Smallest scale of practial perturbative expantion?

• MTd2
In summary, effective field theory and perturbative QCD are used to study particle interactions in the energy ranges below and above 1GeV, respectively. In the "man's land" region, other methods such as Green's function Monte Carlo may also be employed.
MTd2
Gold Member
It seems that Chiral perturbation theory is valid between 100MeV and 1GeV, perturbative qcd, above ~5GeV. So, is there any method that works in good approximation bellow 100MeV, besides lattice methods? What about the interval between 1GeV and 5Gev?

I read at ressonaances blog http://resonaances.blogspot.com/2011/11/lhcb-has-evidence-of-new-physics-maybe.html , that the region right above 1GeV is now man`s land, which might explain the bigger than expected charm CP violation. What method is usually used around these values?

In the energy range between 100MeV and 1GeV, effective field theory (EFT) is often used. This is an approach that allows one to take into account the effects of interactions between particles without having to calculate the full quantum field theory. This is done by introducing "effective" interactions which describe the behavior of the system in a certain energy regime. These effective interactions can then be used to calculate various observables such as cross sections, decay rates, and other particle properties. In this way, EFT can provide a good approximation of the behavior of the system in the regime below 1GeV. In the energy range between 1GeV and 5GeV, perturbative QCD (pQCD) is used. This is an approach that uses Feynman diagrams to calculate the interaction between particles. This allows for a more accurate calculation of cross sections, decay rates, and other particle properties. pQCD also allows for the inclusion of higher order corrections which can improve the accuracy of the calculations.The region right above 1GeV is known as the "man's land", as it is not well understood and few theoretical methods have been established to calculate properties of particles in this energy range. However, there are some approaches that have been developed, such as the Green's function Monte Carlo method, which can be used to calculate cross sections and other particle properties with good accuracy.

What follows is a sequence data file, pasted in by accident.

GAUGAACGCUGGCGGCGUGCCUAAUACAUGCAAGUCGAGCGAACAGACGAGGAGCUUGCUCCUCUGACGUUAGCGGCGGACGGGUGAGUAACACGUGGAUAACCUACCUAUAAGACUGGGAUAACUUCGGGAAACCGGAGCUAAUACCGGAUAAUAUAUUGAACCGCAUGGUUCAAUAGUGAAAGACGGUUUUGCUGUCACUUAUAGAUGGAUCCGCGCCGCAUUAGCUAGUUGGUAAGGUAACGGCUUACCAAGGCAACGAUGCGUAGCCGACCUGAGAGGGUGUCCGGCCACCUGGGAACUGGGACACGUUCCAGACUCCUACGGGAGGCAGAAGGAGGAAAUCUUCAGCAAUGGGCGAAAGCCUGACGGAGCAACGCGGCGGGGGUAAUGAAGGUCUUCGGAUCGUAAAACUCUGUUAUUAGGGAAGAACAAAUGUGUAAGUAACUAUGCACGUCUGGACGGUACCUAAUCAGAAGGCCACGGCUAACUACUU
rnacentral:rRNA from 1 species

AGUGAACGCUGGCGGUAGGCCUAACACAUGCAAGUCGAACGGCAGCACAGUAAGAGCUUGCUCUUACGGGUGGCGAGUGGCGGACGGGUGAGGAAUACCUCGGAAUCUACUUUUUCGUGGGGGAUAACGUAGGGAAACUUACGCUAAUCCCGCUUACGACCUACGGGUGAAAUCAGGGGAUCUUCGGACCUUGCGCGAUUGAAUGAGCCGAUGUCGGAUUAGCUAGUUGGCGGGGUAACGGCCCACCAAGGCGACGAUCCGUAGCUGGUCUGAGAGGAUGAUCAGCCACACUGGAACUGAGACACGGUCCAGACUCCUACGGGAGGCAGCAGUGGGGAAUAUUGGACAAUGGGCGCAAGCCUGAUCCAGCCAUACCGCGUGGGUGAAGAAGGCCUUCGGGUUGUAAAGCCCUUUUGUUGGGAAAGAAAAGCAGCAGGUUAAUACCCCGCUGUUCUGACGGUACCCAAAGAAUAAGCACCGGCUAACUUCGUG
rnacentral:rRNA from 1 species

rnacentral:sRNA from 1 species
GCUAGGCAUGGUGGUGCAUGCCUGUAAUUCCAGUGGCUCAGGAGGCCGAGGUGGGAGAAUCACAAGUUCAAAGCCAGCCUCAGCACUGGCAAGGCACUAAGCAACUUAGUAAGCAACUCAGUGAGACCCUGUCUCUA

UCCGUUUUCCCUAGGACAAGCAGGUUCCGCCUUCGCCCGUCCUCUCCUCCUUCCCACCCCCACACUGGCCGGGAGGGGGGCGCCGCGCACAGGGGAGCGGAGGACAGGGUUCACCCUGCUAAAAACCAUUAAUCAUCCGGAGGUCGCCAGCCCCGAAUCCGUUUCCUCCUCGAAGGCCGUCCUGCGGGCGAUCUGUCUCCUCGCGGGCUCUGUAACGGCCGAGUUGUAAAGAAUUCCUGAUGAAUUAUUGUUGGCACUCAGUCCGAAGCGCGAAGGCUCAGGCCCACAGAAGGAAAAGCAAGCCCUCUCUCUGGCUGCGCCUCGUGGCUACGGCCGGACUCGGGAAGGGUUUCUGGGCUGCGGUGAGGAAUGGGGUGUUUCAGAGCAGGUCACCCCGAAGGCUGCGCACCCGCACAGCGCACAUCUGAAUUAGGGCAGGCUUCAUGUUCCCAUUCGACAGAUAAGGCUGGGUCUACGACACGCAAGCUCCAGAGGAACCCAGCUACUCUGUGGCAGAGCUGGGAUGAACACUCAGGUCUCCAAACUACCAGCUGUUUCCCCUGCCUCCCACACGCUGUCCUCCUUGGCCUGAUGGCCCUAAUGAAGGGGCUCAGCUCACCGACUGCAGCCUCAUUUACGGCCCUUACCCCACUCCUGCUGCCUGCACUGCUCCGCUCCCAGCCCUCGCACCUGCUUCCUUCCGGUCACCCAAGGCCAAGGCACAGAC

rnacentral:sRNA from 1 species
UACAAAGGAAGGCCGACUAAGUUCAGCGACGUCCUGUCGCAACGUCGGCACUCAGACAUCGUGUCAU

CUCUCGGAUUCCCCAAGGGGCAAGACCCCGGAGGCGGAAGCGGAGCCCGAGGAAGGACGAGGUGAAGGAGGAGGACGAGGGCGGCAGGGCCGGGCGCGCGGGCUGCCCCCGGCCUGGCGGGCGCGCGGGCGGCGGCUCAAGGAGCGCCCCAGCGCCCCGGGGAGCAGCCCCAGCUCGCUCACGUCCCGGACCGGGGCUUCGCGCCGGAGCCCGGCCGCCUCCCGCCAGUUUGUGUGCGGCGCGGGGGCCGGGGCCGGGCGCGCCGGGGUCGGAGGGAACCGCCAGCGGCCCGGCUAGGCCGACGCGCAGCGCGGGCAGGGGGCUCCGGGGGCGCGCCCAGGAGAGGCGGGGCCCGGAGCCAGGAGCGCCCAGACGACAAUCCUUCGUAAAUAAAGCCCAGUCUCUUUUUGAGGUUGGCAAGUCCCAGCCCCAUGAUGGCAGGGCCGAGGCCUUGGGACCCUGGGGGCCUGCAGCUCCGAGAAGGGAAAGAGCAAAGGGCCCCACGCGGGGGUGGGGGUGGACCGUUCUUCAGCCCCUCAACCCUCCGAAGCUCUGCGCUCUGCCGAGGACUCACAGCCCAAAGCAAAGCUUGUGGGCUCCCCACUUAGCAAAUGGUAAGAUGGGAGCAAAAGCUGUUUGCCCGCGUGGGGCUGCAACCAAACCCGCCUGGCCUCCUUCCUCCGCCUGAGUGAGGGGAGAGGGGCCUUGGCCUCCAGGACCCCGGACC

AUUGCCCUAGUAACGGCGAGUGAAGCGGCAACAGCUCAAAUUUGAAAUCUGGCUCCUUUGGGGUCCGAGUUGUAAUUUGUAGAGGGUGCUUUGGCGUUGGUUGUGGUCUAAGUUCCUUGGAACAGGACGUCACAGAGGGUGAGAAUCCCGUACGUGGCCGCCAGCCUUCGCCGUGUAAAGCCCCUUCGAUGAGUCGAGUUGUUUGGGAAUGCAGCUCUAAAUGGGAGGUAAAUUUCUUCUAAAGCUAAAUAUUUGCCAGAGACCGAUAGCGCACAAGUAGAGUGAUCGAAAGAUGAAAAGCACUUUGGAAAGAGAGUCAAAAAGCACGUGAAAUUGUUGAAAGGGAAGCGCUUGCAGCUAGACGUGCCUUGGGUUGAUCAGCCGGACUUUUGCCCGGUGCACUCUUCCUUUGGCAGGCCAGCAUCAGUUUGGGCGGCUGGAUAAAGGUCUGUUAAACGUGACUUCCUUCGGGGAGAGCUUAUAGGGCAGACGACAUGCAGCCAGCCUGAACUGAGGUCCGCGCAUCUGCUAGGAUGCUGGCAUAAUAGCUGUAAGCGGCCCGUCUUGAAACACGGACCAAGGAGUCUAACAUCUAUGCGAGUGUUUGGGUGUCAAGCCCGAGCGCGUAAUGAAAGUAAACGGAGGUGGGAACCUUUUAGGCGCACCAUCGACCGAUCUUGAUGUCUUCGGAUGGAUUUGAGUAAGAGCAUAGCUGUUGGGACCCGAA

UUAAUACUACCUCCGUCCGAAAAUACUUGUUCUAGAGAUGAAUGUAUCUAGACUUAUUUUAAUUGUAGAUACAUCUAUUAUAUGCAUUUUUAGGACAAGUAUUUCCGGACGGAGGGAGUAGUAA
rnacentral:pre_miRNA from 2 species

1. What is the smallest scale of practical perturbative expansion?

The smallest scale of practical perturbative expansion refers to the limit at which perturbative methods can still accurately describe physical phenomena. This scale is typically determined by the strength of the interactions between particles, with weaker interactions allowing for a larger range of applicability for perturbative techniques.

2. How is the smallest scale of practical perturbative expansion calculated?

The smallest scale of practical perturbative expansion is calculated using a combination of theoretical calculations and experimental data. Theoretical calculations involve solving equations that describe the behavior of particles at different energy scales, while experimental data provides confirmation of these theoretical predictions.

3. Why is the smallest scale of practical perturbative expansion important?

The smallest scale of practical perturbative expansion is important because it allows scientists to make accurate predictions about the behavior of particles at different energy scales. This information is crucial for understanding the fundamental laws of nature and for developing new technologies.

4. What are the limitations of the smallest scale of practical perturbative expansion?

The limitations of the smallest scale of practical perturbative expansion include the assumption that interactions between particles are weak, which may not always be the case at high energy scales. Additionally, perturbative methods may break down in extreme conditions, such as near black holes or in the early universe.

5. How does the smallest scale of practical perturbative expansion relate to the Standard Model of particle physics?

The smallest scale of practical perturbative expansion is a key concept in the Standard Model of particle physics, as it helps to define the range of applicability for the theory. The Standard Model is successful in describing particles and their interactions at energy scales below the smallest scale of practical perturbative expansion, but it is believed that new physics will be necessary to describe phenomena at higher energy scales.